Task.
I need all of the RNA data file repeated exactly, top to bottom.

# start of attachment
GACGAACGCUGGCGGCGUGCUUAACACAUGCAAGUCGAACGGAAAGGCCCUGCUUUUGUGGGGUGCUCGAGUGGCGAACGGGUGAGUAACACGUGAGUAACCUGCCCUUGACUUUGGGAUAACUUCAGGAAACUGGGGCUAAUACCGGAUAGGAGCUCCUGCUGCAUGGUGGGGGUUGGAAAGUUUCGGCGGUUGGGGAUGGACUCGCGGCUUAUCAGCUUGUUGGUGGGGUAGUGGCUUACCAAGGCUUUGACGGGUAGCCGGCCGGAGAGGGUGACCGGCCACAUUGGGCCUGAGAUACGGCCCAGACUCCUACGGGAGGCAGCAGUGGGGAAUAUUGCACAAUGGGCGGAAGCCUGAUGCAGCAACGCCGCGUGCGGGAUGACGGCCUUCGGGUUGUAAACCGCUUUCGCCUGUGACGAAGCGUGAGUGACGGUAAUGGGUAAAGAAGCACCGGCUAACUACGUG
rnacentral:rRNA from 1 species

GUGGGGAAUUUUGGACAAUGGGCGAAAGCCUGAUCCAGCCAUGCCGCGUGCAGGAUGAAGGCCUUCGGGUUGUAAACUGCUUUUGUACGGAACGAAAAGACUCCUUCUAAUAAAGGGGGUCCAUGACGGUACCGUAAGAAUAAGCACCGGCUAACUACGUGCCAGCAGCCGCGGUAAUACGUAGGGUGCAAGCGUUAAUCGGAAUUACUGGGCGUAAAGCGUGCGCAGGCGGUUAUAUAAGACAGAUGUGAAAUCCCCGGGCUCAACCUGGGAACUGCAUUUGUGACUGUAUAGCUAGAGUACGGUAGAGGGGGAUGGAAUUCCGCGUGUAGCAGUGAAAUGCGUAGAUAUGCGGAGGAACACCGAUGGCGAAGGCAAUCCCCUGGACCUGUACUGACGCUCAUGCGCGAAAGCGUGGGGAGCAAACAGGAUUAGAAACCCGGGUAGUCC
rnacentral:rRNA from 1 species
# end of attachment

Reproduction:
GACGAACGCUGGCGGCGUGCUUAACACAUGCAAGUCGAACGGAAAGGCCCUGCUUUUGUGGGGUGCUCGAGUGGCGAACGGGUGAGUAACACGUGAGUAACCUGCCCUUGACUUUGGGAUAACUUCAGGAAACUGGGGCUAAUACCGGAUAGGAGCUCCUGCUGCAUGGUGGGGGUUGGAAAGUUUCGGCGGUUGGGGAUGGACUCGCGGCUUAUCAGCUUGUUGGUGGGGUAGUGGCUUACCAAGGCUUUGACGGGUAGCCGGCCGGAGAGGGUGACCGGCCACAUUGGGCCUGAGAUACGGCCCAGACUCCUACGGGAGGCAGCAGUGGGGAAUAUUGCACAAUGGGCGGAAGCCUGAUGCAGCAACGCCGCGUGCGGGAUGACGGCCUUCGGGUUGUAAACCGCUUUCGCCUGUGACGAAGCGUGAGUGACGGUAAUGGGUAAAGAAGCACCGGCUAACUACGUG
rnacentral:rRNA from 1 species

GUGGGGAAUUUUGGACAAUGGGCGAAAGCCUGAUCCAGCCAUGCCGCGUGCAGGAUGAAGGCCUUCGGGUUGUAAACUGCUUUUGUACGGAACGAAAAGACUCCUUCUAAUAAAGGGGGUCCAUGACGGUACCGUAAGAAUAAGCACCGGCUAACUACGUGCCAGCAGCCGCGGUAAUACGUAGGGUGCAAGCGUUAAUCGGAAUUACUGGGCGUAAAGCGUGCGCAGGCGGUUAUAUAAGACAGAUGUGAAAUCCCCGGGCUCAACCUGGGAACUGCAUUUGUGACUGUAUAGCUAGAGUACGGUAGAGGGGGAUGGAAUUCCGCGUGUAGCAGUGAAAUGCGUAGAUAUGCGGAGGAACACCGAUGGCGAAGGCAAUCCCCUGGACCUGUACUGACGCUCAUGCGCGAAAGCGUGGGGAGCAAACAGGAUUAGAAACCCGGGUAGUCC
rnacentral:rRNA from 1 species